The Alaska state flag symbolizes the diversity, location, natural beauty and strength of “The Land of the Midnight Sun.” Designed in 1927 by John Bell Benson, a 13-year old orphan from Seward, the blue field represents the sky, sea, mountain lakes and wildflowers of Alaska. Blue also captures the color of the forget-me-not, an Alaskan flower. Seven of eight emblazoned gold stars form the Big Dipper, a constellation often referred to as the Great Bear--an animal indigenous to Alaska and a symbol of the state’s strength. The eighth star, being the North Star, represents the Northern most state.
Brief History of Alaska and the Coming of the Current Alaska Flag
On March 30, 1867, the United States reached an agreement to purchase Alaska from Russia for a price of $7.2 million. The Treaty with Russia was negotiated and signed by Secretary of State William Seward and Russian Minister to the United States Edouard de Stoeckl.
Alaska adopted its current state flag formally in 1927.
Alaska, the 49th state admitted to the union in 1959, is the largest state (by area) in the United States. It is located in the far northwest of the continent of North America. Alaska had previously been regarded as a colony.
Extended History of the Alaska State Flag
Russian American Flag Company
Alaska was managed by the Russian American Company (RAC), a state-sponsored business organization with its first headquarters in Irkutsk and later St. Petersburg, Russia, between 1799 and 1867. The Company's ships and shoreside facilities flew the official flag of Russia (civil ensign). The design of a new flag for the Russian American Corporation was submitted to Aleksandr I, Emperor of Russia on September 28 (October 10, new style), 1806, who made the notation "So be it" and appended his cypher, approving the usage of the first flag in Russian history by an Imperial licensed company. The ukase was heard in the Senate following Imperial confirmation, and on October 19, 1806, it was submitted to the RAC's main office as well as the Admiralty and Commerce colleges for execution.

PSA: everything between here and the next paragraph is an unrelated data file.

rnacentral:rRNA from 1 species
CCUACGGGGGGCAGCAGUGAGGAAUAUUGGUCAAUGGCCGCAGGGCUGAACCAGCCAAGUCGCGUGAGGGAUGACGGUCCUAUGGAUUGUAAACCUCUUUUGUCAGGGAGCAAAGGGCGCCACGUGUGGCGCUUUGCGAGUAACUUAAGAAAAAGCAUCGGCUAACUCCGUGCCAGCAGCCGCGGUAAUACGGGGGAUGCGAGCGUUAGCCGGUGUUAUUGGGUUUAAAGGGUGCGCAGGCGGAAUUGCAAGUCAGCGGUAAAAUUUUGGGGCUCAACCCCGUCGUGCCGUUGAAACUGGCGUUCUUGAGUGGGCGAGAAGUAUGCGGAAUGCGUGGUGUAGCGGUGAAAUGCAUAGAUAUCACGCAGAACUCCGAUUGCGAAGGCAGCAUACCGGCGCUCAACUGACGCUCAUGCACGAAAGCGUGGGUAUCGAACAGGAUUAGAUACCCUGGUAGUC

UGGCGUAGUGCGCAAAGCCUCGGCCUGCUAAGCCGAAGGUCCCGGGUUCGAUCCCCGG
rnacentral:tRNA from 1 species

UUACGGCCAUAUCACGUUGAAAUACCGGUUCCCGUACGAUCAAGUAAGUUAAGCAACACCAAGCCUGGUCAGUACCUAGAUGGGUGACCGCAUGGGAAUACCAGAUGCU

The Imperial eagle was positioned in the upper left corner of Russia's commercial flag in the new Company flag design of 1806. The white stripe's width was increased to roughly cover one-half of the flag's breadth in order to keep the State insignia clear and more apparent. The commercial flag of Russia typically had width proportions of equal thirds. For greater visibility, the Imperial eagle held a scroll that dipped into the blue stripe and said, in shortened form, "Russian American Company's." The official name of the Company, "Under His Imperial Majesty's Protection Russian-American Company," is enhanced by the symbolism of the scroll beneath the Imperial eagle. Up until October 18, 1867, when the Russian and American Company ceded all of its properties in Alaska to the United States, the flag was flown over Alaska.
Alaska State Flag
On May 2, 1927, the Alaska Legislature designated Benson's artwork as the official flag for the Territory of Alaska. The first flag created using Benny's blueprint was composed of blue silk with gold stars sewn on. At Statehood in 1959, it remained the official flag.
The state anthem "Alaska's Flag" explains the symbolism of the flag.
Design and Origin
The Alaska Department of the American Legion held a territorial competition for Alaskan students in the seventh grade (age 12–13) to twelfth grade (age 17–18) to create a flag for the territory, 32 years before Alaska became a state. The contest committee selected fourteen-year-old orphan Benny Benson's design in 1927 to serve as the inspiration for the Territory of Alaska's future flag. Alaskan native Benson resided in Seward's Jesse Lee Home for Children. Since the region's purchase from Russia in 1867, Alaskans had flown solely the American flag. Over nearly 700 other schoolchildren's proposals from all over the region, Benson's design was chosen. The majority of the other submissions included polar bears, the midnight sun, the northern lights, the territorial seal, and/or gold pans. Benson received a $1,000 cash prize and an engraved watch in recognition of his accomplishment.